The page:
MUSKETT v. SKETCHLEY CLEANERS, INC.
Charles Muskett allegedly slipped, fell, and was injured while walking across the parking lot of Sketchley Cleaners, Inc. d/b/a Cleveland Avenue Cleaners. Muskett sued Sketchley Cleaners for damages, claiming that his fall was proximately caused by a pothole filled with debris that Sketchley Cleaners had negligently failed to repair. The case was tried before a jury, which returned a verdict in favor of Sketchley Cleaners.1 On appeal from the denial of his motion for new trial, Muskett contends that the trial court erred by excluding the deposition testimony of one of his treating physicians; expressing an improper opinion as to the sufficiency of proof; charging the jury on the principle of prior traversal of a static defect; and imposing a time limit on the presentation of his case-in-chief.2 We find no reversible error and affirm.
1. Sketchley Cleaners filed a motion in limine to exclude the deposition testimony of Dr. Linzy Scott, a retired orthopedic surgeon who treated Muskett on one occasion after his alleged fall and who opined on the alleged cause and nature of his injuries. The trial court granted the motion after concluding that Dr. Scott-who was not licensed as a physician when he treated Muskett and had been retired since approximately 2000-was not qualified to testify as an expert under OCGA § 24-9-67.1(b). Muskett contends that the trial court erred in granting Sketchley Cleaners's motion in limine.
Even if the exclusion of Dr. Scott's expert testimony was error, it was merely cumulative of other expert testimony admitted at trial. During his case-in-chief, Muskett presented the live testimony of another orthopedic surgeon who treated him, as well as the deposition testimony of several other treating physicians (including a chiropractor, an orthopedist, and a neurologist), who provided their expert opinions on the alleged cause and nature of Muskett's injuries. Accordingly, any alleged error in excluding Dr. Scott's expert testimony was harmless and provides no ground for reversal. See Moresi v. Evans, 257 Ga.App. 670, 676(2), 572 S.E.2d 327 (2002) (even if testimony was erroneously excluded, it was harmless error because the testimony would have been cumulative); Ratliff v. CSX Transp., 219 Ga.App. 53, 56(2), 464 S.E.2d 1 (1995) (same). See also Moxley v. Moxley, 281 Ga. 326, 328(4), 638 S.E.2d 284 (2006) (there must be harm as well as error to warrant reversing the trial court).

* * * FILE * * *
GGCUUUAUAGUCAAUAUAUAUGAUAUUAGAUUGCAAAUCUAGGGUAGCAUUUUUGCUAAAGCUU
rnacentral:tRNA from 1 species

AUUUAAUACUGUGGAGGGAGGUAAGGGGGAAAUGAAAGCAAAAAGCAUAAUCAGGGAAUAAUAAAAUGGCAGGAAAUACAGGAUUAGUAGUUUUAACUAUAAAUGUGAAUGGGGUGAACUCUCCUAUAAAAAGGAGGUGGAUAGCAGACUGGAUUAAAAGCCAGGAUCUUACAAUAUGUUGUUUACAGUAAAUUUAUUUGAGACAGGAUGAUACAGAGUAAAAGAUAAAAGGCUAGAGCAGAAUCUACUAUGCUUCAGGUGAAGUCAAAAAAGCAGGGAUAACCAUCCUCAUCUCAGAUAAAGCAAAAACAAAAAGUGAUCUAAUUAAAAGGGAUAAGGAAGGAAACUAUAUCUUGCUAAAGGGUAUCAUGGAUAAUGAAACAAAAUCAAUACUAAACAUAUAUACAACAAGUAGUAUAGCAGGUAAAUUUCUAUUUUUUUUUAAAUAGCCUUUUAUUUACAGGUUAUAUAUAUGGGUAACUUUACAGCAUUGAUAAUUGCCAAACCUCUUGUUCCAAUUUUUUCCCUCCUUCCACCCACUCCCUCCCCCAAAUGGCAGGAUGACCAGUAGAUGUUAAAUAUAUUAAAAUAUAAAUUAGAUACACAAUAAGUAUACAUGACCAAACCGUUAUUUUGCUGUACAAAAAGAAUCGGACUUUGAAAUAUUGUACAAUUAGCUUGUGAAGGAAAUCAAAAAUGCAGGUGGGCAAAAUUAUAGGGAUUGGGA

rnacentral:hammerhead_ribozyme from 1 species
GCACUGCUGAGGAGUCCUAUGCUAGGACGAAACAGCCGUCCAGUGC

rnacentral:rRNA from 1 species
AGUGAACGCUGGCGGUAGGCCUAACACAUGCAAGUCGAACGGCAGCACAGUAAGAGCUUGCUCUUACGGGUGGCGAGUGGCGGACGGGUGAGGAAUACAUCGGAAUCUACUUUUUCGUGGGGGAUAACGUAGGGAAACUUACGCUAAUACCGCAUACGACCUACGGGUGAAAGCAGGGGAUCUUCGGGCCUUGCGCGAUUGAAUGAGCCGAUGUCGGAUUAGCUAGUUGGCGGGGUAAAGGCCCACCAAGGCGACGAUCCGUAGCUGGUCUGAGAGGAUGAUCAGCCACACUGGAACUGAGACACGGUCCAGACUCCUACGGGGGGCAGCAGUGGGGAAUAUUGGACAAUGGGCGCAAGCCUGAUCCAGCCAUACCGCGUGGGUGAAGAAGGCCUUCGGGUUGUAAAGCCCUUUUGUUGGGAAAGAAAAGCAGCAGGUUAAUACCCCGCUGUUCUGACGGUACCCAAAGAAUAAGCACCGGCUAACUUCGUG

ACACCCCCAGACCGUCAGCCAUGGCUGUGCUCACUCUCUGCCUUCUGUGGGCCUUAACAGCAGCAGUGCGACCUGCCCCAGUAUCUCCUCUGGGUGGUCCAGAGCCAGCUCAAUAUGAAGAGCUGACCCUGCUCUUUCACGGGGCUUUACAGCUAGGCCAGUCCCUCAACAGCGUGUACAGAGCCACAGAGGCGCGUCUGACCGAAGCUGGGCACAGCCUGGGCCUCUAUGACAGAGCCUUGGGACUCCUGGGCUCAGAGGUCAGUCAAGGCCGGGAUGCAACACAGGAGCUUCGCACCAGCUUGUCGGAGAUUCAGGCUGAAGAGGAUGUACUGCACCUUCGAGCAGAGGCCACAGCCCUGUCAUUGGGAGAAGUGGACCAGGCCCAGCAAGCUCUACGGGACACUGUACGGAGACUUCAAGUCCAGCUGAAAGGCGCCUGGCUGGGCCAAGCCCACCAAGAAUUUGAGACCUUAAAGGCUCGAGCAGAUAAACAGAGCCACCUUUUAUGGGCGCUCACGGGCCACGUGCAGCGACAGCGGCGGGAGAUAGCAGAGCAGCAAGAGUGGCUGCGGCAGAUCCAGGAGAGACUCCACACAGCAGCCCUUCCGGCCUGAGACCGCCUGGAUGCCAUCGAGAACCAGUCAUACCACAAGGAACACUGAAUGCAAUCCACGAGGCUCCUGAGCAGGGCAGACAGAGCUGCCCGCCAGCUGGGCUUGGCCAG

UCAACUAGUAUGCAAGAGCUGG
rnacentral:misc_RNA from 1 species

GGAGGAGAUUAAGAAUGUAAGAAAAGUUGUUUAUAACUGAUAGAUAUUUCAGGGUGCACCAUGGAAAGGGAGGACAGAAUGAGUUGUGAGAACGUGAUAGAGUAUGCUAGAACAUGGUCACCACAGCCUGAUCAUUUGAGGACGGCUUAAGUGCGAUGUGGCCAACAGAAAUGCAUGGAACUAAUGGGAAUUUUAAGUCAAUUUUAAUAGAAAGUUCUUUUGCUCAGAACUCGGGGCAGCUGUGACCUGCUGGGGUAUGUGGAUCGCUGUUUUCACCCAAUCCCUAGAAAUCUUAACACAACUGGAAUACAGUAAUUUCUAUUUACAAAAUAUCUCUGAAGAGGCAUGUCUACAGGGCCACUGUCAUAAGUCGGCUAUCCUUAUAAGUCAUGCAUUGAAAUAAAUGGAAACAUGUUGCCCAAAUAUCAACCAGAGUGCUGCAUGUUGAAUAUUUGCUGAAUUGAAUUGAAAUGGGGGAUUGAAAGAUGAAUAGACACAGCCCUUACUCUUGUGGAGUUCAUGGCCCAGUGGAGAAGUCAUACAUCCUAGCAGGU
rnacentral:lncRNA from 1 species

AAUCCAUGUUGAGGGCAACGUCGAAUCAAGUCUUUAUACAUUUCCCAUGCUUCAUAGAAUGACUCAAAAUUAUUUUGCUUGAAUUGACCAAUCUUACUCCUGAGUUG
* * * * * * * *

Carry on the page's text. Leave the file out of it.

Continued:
2. Under OCGA § 9-10-7, “[i]t is error for any judge, during the progress of any case, or in his charge to the jury, to express or intimate his opinion as to what has or has not been proved.” Citing this statutory provision, Muskett maintains that three statements made by the trial court were improper expressions or intimations of opinion as to the sufficiency of proof presented by him at trial. Our review of the record leads us to disagree.
Proceeding pro se, Muskett took the stand during his case-in-chief and testified in great detail to his version of the slip and fall incident and to the injuries he allegedly sustained as a result. Among other things, Muskett testified that he did not learn that he had osteoporosis until a few days before his fall. The trial court inquired into the relevance of this testimony, but ultimately did not rule it inadmissible. While Muskett asserts that the trial court's inquiry was improper, “[p]ertinent remarks made by a trial court in discussing the admissibility of evidence ․ do not constitute prohibited expressions of opinion.” (Citation omitted.) Morrison v. Morrison, 282 Ga. 866, 867(1), 655 S.E.2d 571 (2008) (no error where trial court's remarks were aimed at limiting counsel's cross-examination to relevant issues). See also Creed v. State, 255 Ga.App. 425, 427(1), 565 S.E.2d 480 (2002) (no error where trial court “inquired as to the direction defense counsel was going with a particular line of questioning and encouraged counsel to move forward”). It follows that the trial court's inquiry concerning relevancy did not constitute an improper expression or intimation of opinion on the evidence. See Morrison, 282 Ga. at 866-867(1), 655 S.E.2d 571; Creed, 255 Ga.App. at 427-428(1), 565 S.E.2d 480.
The other two statements by the trial court challenged on appeal as improper expressions or intimations of opinion occurred during Muskett's closing argument:
MUSKETT: ․ The defendant, these defendants are college graduates. They are not a bunch of uneducated people. You have these three corporations. They are very familiar with real estate. They know the law better than I do. They finally are too cheap to fix the premises. And I didn't know about it, members of the jury, but ․
THE COURT: Mr. Muskett, I've given you a tremendous amount of leeway, but several of these arguments are inappropriate, and I think you need to be more careful.
MUSKETT: Okay, Judge.
MUSKETT: ․ Members of the jury, the defendants are three big corporations. They are a wealthy family, they have good lawyers. And $2 million is not going to bankrupt them, and I'm asking for reasonable compensation.
THE COURT: Mr. Muskett, that is an inappropriate comment, and I'm going to ask the jury to disregard it.